• August 17, 1944 – Cogolin, France, not in operation[26]
  • August 18, 1944 – Gonfaron, France[23]
  • August 28–31, 1944 – Closed, awaiting movement orders and transportation[27]
  • September 3, 1944 – Beaumont (Beaumont-de-Aspre)[28]
  • September 5, 1944 – St. Amour, France[28]
  • September 20, 1944 – Saulx, France[29]
  • October 9, 1944 – Epinal (Renauvoid), France[30]
  • November 1944 – Epinal (Golbey), France[31]
  • December 6, 1944 – Mutzig, France[32]
  • January 3, 1945 – Epinal (Golbey), France[33]
  • January 3, 1945 – Mutzig, France[33]
  • January 8, 1945 – Departed for Sarrebourg, France[33]
  • March 29, 1945 – Bensheim, Germany[34]
  • April 8, 1945 – Kist, Germany[35]
  • April 29, 1945 – Ebermergen, Germany[35]
  • Late May–June (possibly after May 21) – Bretton, Germany[citation needed]

Personnel[edit]

Commanding Officers: Col. Paul K. Sauer, Lt. Col. Hubert L. Binkley (commander after Sauer was wounded in the 7 February bombing.) Chief of Surgical Service Lt. Col. Grantley W. Taylor, Chief of Medical Service Col. William Comess, Laboratory and Pharmacy Officer Capt. Harry J. Schneider, X-ray Officer Capt. Mario C. Gian, Chief of Dental Services Major Lewis A Imerman, Chief Anesthetist Capt. Marshall A. Bauer, Principal Chief Nurse Capt. Evelyn E. Swanson.[36]

Battles and campaigns[edit]

Decorations[edit]

See also[edit]

References[edit]

  1. ^ a b c d e ArmyPharmacy.
  2. ^ Monahan 2003, p. 30.
  3. ^ Wiltse, p. 231.
  4. ^ a b c d e USArmy 1944g, p. 3.
  5. ^ USArmy 1944g, Bombing raid report.
  6. ^ Monahan 2003, p. 133.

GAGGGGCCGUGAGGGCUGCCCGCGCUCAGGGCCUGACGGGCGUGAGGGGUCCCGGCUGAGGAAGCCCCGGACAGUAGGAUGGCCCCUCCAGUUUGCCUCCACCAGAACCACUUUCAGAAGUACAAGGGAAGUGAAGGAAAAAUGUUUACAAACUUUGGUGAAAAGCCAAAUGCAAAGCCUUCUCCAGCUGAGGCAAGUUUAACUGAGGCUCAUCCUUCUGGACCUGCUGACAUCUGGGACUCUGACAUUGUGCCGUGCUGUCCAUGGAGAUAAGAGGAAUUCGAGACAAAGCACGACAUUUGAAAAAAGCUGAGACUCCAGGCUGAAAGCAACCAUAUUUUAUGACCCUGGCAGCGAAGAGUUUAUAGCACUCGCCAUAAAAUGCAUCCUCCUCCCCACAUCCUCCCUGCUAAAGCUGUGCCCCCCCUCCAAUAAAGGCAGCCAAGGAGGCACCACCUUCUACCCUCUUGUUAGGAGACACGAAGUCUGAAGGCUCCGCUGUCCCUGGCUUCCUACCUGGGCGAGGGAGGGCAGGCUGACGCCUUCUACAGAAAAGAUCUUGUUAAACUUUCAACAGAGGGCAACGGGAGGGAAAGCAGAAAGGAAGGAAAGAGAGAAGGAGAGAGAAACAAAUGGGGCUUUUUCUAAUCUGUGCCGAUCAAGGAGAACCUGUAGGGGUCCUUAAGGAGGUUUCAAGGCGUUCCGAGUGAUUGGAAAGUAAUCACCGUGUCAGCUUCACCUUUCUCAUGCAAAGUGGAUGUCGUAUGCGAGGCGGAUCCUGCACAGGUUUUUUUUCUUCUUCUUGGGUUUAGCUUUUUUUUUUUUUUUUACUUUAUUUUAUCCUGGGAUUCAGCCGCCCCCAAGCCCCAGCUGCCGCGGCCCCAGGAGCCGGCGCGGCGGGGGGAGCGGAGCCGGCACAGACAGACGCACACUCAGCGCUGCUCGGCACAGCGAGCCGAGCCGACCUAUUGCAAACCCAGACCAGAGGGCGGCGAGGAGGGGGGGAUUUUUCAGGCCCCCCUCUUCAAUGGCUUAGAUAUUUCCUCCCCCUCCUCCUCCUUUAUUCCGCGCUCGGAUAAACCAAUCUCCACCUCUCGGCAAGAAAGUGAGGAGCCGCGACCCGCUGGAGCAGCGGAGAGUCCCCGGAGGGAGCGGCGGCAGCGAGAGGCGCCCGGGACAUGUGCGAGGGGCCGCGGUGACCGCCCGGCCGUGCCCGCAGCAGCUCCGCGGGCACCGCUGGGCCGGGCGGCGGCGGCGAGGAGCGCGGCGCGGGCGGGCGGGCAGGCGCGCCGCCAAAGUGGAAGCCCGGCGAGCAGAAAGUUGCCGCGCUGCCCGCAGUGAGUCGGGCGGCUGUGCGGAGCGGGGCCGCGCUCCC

7. ^ Friedenberg 2004, p. 10.
  8. ^ Friedenberg 2004, p. 12.
  9. ^ Friedenberg 2004, p. 18.
  10. ^ Friedenberg 2004, p. 143.
  11. ^ Friedenberg 2004, p. 30.
  12. ^ Friedenberg 2004, p. 34.
  13. ^ a b Friedenberg 2004, pp. 37–38.
  14. ^ Wiltse, p. 241.
  15. ^ Friedenberg 2004, p. 76.
  16. ^ Friedenberg 2004, p. 145.
  17. ^ Friedenberg 2004, p. 78.
  18. ^ USArmy 1944g, p. 4.
  19. ^ Friedenberg 2004, p. 146.
  20. ^ USArmy 1944g, p. 5.
  21. ^ Wiltse, p. 303.
  22. ^ a b USArmy 1944g, p. 8.
  23. ^ a b c USArmy 1944g, p. 9.
  24. ^ Friedenberg 2004, p. 104.
  25. ^ Friedenberg 2004, pp. 104–5.
  26. ^ Wiltse, pp. 378–9.
  27. ^ USArmy 1944b.
  28. ^ a b USArmy 1944g, p. 10.
  29. ^ USArmy 1944c.
  30. ^ USArmy 1944d.
  31. ^ USArmy 1944e.
  32. ^ USArmy 1944f.
  33. ^ a b c USArmy 1944a.
  34. ^ USArmy 1945a.
  35. ^ a b USArmy 1945b.
  36. ^ USArmy 1944g.

Bibliography[edit]

  • Monahan, Evelyn (2003). And If I Perish. New York: Random House. 
  • Wiltse, Charles M. The Medical Department: Medical Services in the Mediterranean and Minor Theaters. Office of Medical History, U.S. Army Medical Department. 
  • Friedenberg, Zachary (2004). Hospital At War. Texas A&M Univ. Press. 
  • 95th Evacuation Hospital 1944 January Monthly report, NARA RG407. US Army. 1944. 
  • 95th Evacuation Hospital 1944 August Monthly Report, NARA RG407. US Army. 1944. 
  • 95th Evacuation Hospital 1944 September Monthly report, NARA RG407. US Army. 1944. 
  • 95th Evacuation Hospital 1944 October Monthly report, NARA RG407. US Army. 1944. 
  • 95th Evacuation Hospital 1944 November Monthly report, NARA RG407. US Army. 1944. 
  • 95th Evacuation Hospital 1944 December Monthly Report, NARA RG407. US Army. 1944. 
  • 95th Evacuation Hospital 1944 Annual Report, NARA RG407. US Army. 1944. 
  • 95th Evacuation Hospital 1945 March Monthly report, NARA RG407. US Army. 1945. 
  • 95th Evacuation Hospital 1945 April Monthly report, NARA RG407. US Army. 1945. 
  • Anon. "Army Pharmacy". Archived from the original on June 17, 2002. Retrieved 1 June 2011.